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Re: [linux-lvm] Snapshot question... [scaling problem]

There is also a subtle point here. If one of the older snapshots already "saw" a change to that block, which came on before a newer snapshot was started, then you will write to the new COW and not to the old. But as Dan says, that can still leave a lot of sloshing around... especially with data of the "hit each one rarely" type.
There's an almost trivial variant on this, where you keep the (read-only) snapshots in a time-ordered sequence, and freeze the last snapshot COW at the same moment as you start the next snapshot. Then writing only ever hits the new snapshot COW, and reading from any older snapshot (virtual) volume involves figuring out which is the first after that to hold the block, but still involves reading only one block. I wonder why LVM does not do this. Perhaps Zumastor does? Or somebody else?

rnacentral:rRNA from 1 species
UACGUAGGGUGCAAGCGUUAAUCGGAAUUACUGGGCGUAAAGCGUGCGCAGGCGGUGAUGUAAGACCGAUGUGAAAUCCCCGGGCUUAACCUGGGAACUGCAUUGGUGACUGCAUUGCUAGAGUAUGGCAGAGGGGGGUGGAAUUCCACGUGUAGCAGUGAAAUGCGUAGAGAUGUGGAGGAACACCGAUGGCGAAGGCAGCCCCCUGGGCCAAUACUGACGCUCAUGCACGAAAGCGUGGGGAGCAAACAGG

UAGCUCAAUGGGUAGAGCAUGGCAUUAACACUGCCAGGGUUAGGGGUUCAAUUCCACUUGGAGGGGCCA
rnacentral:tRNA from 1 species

Larry Dickson
On 4/23/08, Dan Kegel <dank kegel com> wrote:
On Wed, Apr 23, 2008 at 8:57 PM, Ross Boylan <ross biostat ucsf edu> wrote:
>  > > but
>  > > when you write to it, the system makes sure that unless it has
>  > > been done already, the block you're modifying are being copied
>  > > first from the "real" volume to COW volume before being modified
>  > > in the "real" volume.
>  >
>  > And to be clear, the COW volumes of _all_ snapshots[1].  This is where
>  > the snapshot scaling problem arises.
>  Could someone say a bit more, because I definitely don't follow this.

If you have a single original volume, and you keep ten snapshots
of it, and then you write a block to the original volume, you
may end up needing to write eleven blocks.  Ouch!

Thus the write overhead of LVM snapshots scales poorly with the
number of snapshots per volume.

Note that LVM snapshots scale well with the number of volumes,
but that's not interesting or surprising, as each volume is independent.
- Dan

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